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Base Excess and Critical Care in the past and in the future

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Presentation on theme: "Base Excess and Critical Care in the past and in the future"— Presentation transcript:

1 Base Excess and Critical Care in the past and in the future
Ivar Hejde Gøthgen M.D., D.M.Sc. IHG 05

2 Content Acid-base basic Scientist in the acid-base story
Instruments in the acid-base story The future and Base excess IHG 05

3 Acid Base (concept of neutrality) _______________________________________________________________________ pN = [H+] = [OH-] (=neutrality) pH = 6.80 [H+] = [OH-] = 160 nmol/l = neutrality at 37 oC pH = 7.40 [H+] = 40 nmol/l [OH-] = 640 nmol/l = Alkaline offset of 0.6 pH unit IHG 05

4 Acid Base (the simple model) _______________________________________________________________________
Extracellular fluid pH = 6.8 pH = 7.40 H+ Blood and extracellular fluid serve as sink for metabolic produced acids IHG 05

5 Acid Base (the acid production) _______________________________________________________________________ Fixed Acids production [H+] : 60 mmol/24 hour => 700 nmol/sec Volatile Acids production [H+] : 13 mol/24 hour => nmol/sec > 200 times the fixed acids Total extracellular free [H+] : 40 nmol/l * 15 l => 600 nmol IHG 05

6 Acid Base (the Metabolic component I ) _______________________________________________________________________ Buffer Base 50 mmol/l Buffer base = H+ acceptors _____________________________ Red cell Hemoglobin 35% Red cell Bicarbonate 18% Plasma Bicarbonate 35% Plasma Proteins % Others (Phosphate ect.) 5% IHG 05

7 Acid Base (the Metabolic component II) _______________________________________________________________________ BASE EXCESS and the Acid-Base nomogram Base excess was introduced by Ole Siggaard­Andersen for almost 50 years ago. While pH and pCO2 are directly measured, the metabolic component, defined as Base excess, is calculated from pH and pCO2 using the Henderson-Hasselbalch equation and the Van Slyke equation. By using base excess the acid base status is made simple and clinical useful. IHG 05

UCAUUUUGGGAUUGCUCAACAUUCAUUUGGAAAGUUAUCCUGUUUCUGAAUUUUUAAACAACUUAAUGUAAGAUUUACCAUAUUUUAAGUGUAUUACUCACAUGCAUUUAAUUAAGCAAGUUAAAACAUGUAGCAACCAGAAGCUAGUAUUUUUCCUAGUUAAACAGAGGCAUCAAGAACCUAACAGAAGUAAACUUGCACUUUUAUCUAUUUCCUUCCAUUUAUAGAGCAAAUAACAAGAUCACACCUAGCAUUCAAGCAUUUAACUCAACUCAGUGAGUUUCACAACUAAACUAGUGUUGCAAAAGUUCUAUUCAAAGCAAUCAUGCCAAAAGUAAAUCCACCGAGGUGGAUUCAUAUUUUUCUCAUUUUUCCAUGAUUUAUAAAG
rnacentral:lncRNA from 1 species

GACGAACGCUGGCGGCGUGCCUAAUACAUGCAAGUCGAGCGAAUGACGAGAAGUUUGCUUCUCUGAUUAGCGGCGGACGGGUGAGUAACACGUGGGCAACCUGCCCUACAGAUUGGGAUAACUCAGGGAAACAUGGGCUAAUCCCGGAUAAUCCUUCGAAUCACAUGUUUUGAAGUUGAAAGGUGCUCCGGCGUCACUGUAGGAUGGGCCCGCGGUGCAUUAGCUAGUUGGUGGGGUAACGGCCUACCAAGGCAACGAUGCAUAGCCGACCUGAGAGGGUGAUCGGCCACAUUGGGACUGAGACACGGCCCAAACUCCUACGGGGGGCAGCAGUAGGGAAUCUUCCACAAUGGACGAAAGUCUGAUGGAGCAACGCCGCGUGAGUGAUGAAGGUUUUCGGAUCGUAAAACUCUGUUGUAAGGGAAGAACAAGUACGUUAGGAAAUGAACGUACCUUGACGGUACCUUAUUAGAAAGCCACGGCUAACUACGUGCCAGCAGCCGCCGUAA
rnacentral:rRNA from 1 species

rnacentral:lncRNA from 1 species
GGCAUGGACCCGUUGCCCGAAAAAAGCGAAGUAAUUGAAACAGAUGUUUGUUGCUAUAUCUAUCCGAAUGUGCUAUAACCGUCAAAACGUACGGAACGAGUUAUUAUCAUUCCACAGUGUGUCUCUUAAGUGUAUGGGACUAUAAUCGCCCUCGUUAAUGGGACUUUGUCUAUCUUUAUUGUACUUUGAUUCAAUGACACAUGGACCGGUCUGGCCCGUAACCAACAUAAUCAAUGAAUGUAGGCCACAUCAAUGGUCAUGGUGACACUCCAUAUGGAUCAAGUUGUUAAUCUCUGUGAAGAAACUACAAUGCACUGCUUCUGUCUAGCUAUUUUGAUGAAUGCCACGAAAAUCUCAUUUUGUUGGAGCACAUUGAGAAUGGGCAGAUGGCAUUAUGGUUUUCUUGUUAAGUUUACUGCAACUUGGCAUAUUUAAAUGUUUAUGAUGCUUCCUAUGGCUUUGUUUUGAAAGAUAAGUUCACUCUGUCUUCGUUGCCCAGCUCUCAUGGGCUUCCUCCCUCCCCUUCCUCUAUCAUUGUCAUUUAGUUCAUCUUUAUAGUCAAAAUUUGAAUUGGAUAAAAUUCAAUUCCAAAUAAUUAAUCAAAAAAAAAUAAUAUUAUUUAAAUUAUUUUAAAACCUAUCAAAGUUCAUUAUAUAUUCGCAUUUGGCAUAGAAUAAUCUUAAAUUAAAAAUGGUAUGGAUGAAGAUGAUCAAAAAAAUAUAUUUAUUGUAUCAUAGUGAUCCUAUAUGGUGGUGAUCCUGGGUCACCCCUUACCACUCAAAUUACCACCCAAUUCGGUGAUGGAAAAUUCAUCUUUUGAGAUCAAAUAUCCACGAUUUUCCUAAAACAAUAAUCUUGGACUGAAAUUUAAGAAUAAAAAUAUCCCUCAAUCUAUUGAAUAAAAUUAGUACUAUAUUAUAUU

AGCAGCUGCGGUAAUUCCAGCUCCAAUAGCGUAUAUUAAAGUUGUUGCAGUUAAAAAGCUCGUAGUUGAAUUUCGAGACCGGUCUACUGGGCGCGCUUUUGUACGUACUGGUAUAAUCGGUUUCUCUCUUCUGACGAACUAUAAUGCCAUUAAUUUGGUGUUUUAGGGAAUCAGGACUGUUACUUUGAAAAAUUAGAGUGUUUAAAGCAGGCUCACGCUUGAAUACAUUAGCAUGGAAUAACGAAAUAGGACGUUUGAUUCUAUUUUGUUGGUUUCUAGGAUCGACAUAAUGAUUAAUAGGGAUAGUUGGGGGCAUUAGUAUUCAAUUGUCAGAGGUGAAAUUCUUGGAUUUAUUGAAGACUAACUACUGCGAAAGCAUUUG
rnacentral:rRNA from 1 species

8 Acid Base (the Metabolic component III) _______________________________________________________________________ Can you go to a Pharmacy and buy a bottle of Base excess ? BASE EXCESS IHG 05

9 Acid Base (the Metabolic component IV) _______________________________________________________________________ The Van Slyke equation (= The equation for the CO2 equilibration curve of blood in vitro) a-24.4 = -(2.3*b+7.7)*(c-7.40)+d/( *b) where: a = bicarbonate concentration in plasma (mmol/l) b = hemoglobin concentration in blood (mmol/l) c = pH of plasma at 37 oC d = base excess concentration in blood (mmol/l) (Scand J Clin lab Invest 1977:37,Suppl 146:15-20) IHG 05

10 Acid Base (the acid-base status) _______________________________________________________________________ pH: as a measure of the activity of free hydrogen ions. pCO2: as a measure of the respiratory component, the activity of free CO2 in the blood. Base Excess: as a measure of the metabolic component, (the concentration of titratable hydrogen ion in the extracellular fluid). IHG 05

11 Acid Base (the acid-base status)
IHG 05

12 Acid Base (the acid-base status)
Respiratory changes along The bufferlines IHG 05

13 Acid Base (the acid-base status)
Metabolic changes across The bufferlines IHG 05

14 Bicarbonate IHG 05

15 Content Acid-base basic Scientist in the acid-base story